BCS targets concussions
Published 1:22 am Tuesday, August 16, 2011
Athletes participating in many sports at the county’s public schools will be required to take screening tests designed to help diagnose concussions before they can begin play under a plan to be presented to the Beaufort County Board of Education today.
Under the plan, previewed last week by a board committee that oversees the school system’s buildings, grounds and finances, Beaufort County School will require baseline testing for all middle-school and high-school athletes who participate in nine sports identified as “collision” and “contact” sports — baseball, basketball, cheerleading, football, high jump, soccer, softball, volleyball and wrestling.
The tests are part of a series of steps that will be taken by public school leaders to educate students, parents and coaches about concussions and help prevent serious injuries that result from them.
“We could end up saving a life by doing this,” said board Chairman Robert Belcher after hearing about the plan.
According to recent research, high-school athletes suffered 400,000 concussions in the 2005-2008 school years, and studies show many sports-related concussions go unreported.
Research also shows that young athletes are at greater risk of sports-related concussions than college or professional athletes because their developing brains are more susceptible to injury. And, researchers said, young female athletes are more susceptible to concussions.
Serious brain injuries or death can occur when an athlete with an undiagnosed concussion returns to play and suffers another injury before the brain has had a chance to heal, a condition known as “second-impact syndrome.”
Student-athletes participating in designated sports will be required to take a computerized test offered by Concussion Vital Signs of Morrisville before they are allowed to play, according to the plan before the board.
If an athlete is believed to have suffered a head injury during competition, that athlete will be required to take another test that may be used by doctors to help determine the severity of the injury and when the injury has fully healed, according to Patrick Abele, executive director for learning services for Beaufort County Schools.
The test does not replace a medical diagnosis, but it is intended to help medical professionals with that diagnosis, according to information presented to the committee.
The test, similar to a video game, tests an athlete’s ability to remember words, shapes, colors and symbols. Its results are used as a baseline against which a test taken after a suspected concussion is measured.
Cost of the program is expected to be $375 per school for an unlimited number of baseline tests and an unlimited number of post-concussion tests, Abele told the committee.
The tests are just one measure public-school leaders are taking to prevent concussions.
The N.C. General Assembly, earlier this year, enacted legislation that requires public high schools and middle schools to provide education on concussion awareness to student-athletes, parents, coaches, volunteers and first-responders.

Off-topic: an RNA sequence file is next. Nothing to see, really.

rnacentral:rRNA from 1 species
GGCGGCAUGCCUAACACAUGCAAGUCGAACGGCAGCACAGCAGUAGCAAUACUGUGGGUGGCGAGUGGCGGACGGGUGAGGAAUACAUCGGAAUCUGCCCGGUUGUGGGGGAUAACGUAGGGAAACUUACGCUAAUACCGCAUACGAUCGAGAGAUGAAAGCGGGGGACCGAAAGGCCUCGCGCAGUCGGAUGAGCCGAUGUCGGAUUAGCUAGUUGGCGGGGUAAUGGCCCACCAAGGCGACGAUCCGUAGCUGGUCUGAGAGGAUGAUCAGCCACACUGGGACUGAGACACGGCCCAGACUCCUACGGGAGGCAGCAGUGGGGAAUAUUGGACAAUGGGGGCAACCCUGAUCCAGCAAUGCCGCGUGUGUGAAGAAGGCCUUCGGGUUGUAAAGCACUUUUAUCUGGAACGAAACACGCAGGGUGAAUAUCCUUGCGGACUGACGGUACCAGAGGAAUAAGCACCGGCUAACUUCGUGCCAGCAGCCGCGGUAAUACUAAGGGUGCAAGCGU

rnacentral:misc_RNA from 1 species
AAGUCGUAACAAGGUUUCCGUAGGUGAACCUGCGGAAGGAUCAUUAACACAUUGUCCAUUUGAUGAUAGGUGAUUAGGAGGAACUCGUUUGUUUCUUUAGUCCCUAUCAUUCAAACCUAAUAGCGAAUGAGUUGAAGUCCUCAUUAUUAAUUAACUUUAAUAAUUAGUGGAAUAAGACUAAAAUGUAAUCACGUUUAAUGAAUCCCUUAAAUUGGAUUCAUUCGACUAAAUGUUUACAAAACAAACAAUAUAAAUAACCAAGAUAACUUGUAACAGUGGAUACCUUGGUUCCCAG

The law also requires players who exhibit signs of a concussion to be removed from play or practice and not return until being cleared by a medical professional, and it requires schools to develop an emergency plan to deal with serious injuries.
Sponsored by Rep. Bill Cook of Beaufort County, among others, the law, known as the Gfeller-Waller Concussion Awareness Act, is named after two high-school athletes who died as a result of concussions.
Matthew Gfeller was a sophomore at Reynolds High School in Winston-Salem and Jaquan Waller was a junior at Rose High School in Greenville when they died as a result of concussions received while playing high-school football.
Packets of information, including information describing the signs and symptoms of concussions, are to be distributed to student athletes and their parents, Abele said.
Baseline tests for fall sports are scheduled to be conducted this week, he said.
What is a concussion? A concussion is a traumatic brain injury caused by a direct or indirect impact to the head that results in disruption of normal brain function, which may or may not result in loss of consciousness. It can occur from a fall, a blow to the head, or a blow to the body that causes the head and the brain to move quickly back and forth.
How do I recognize a concussion? There are many signs and symptoms a person may experience following a concussion that can affect their thinking, emotions or mood, physical abilities, or sleep. These include difficulty thinking clearly, concentrating or remembering new information; physical symptoms such as headache, fuzzy or blurred vision, nausea or vomiting, dizziness, balance problems and sensitivity to noise or light; emotional and mood symptoms such as irritability and sadness, and sleep-related symptoms such as sleeping more or less than usual.
What are some of the long-term issues that may result from a concussion? Individuals may have trouble in classes at school or even with activities at home. If the injury is not managed properly or if they return to play too early, they may experience issues such as depression, not feeling well, or having trouble remembering things for a long time. Once an individual has a concussion, he or she is more likely to suffer another concussion.
Source: Beaufort County Schools Concussion Information for Coaches/Parents/School Nurses/School Volunteers